Borat: Subsequent Moviefilm

Borat: Subsequent Moviefilm

Directed by:  Jason Woliner

Written by:  Sacha Baron Cohen, Peter Baynham, Jena Friedman, Dan Mazer, Dan Swimer, Lee Kern, Erica Rivinoja, & Anthony Hines

Starring:  Sacha Baron Cohen, Maria Bakalova

Reviewed by:  Rob Leicht

Genre:  Comedy/Mockumentary

Score:  3/5

If you have yet to see Borat: Subsequent Moviefilm you might be wondering if Sacha Baron Cohen can do it again. Surely there is no way people will fall for his schtick, Borat has become a part of our pop culture and is known world-wide. Well, for better or for worse, this is exactly what you would expect out of a new Borat movie. Thanks to some ridiculous costumes and a sensational performance by Hungarian actress Maria Bakalova, Cohen is able to fool enough people to make the sequel work. And while Borat: Subsequent Moviefilm falls well short of the original’s greatness, it is still some of the best cringe-worthy comedy out there.

The film’s premise revolves around Borat being sent back to the United States to deliver a gift and gain the favor of President Trump on behalf of his home nation of Kazakhstan. The gift, to be delivered to Vice President Pence, turns out to be Borat’s 15 year old daughter Tutar, played by the aforementioned Bakalova. Although Cohen has never been shy about uncovering and poking fun at the worst parts of American culture, he is definitely pushing more of a political agenda here. Which makes sense – the shocking racism that he captured on film in 2006 has gone mainstream. Now, 14 years later, white supremacists run the country, and there are bigger fish to fry than your common racist.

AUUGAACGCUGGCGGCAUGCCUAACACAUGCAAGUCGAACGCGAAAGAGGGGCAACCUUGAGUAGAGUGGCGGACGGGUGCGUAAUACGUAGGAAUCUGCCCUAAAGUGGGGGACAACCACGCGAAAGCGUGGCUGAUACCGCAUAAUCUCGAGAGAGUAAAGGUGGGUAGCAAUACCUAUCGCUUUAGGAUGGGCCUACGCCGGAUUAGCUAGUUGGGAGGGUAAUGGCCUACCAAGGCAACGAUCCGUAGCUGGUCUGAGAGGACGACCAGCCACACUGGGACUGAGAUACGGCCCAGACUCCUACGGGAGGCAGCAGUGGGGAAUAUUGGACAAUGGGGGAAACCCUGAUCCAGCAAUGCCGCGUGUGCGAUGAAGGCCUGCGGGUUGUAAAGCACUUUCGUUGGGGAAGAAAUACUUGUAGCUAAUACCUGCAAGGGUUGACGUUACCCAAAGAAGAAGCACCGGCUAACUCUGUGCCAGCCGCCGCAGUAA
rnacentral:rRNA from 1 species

The plot itself is thin and serves little more than to shuffle Borat and Tutar from gag to gag. The gags though are almost all hilarious, capturing the absurdity of politicized America along the way. Particular highlights include quarantining with a pair of QAnon conspiracy nuts and a visit to a Christian family planning center. A visit by Borat to a synagogue was unexpectedly heartwarming. Bakalova is surprisingly every bit a match for Cohen. She is a star in the making.

For some, Borat: Subsequent Moviefilm may shed light on some uncomfortable truths. Others may become further radicalized or disenfranchised. Still others will declare it fake news and liberal political propaganda. This film will be loved or hated with very little in between. Regardless of which side you fall on, Sacha Baron Cohen’s Borat is imminently captivating – like a car crash, you can’t seem to look away. Very nice!

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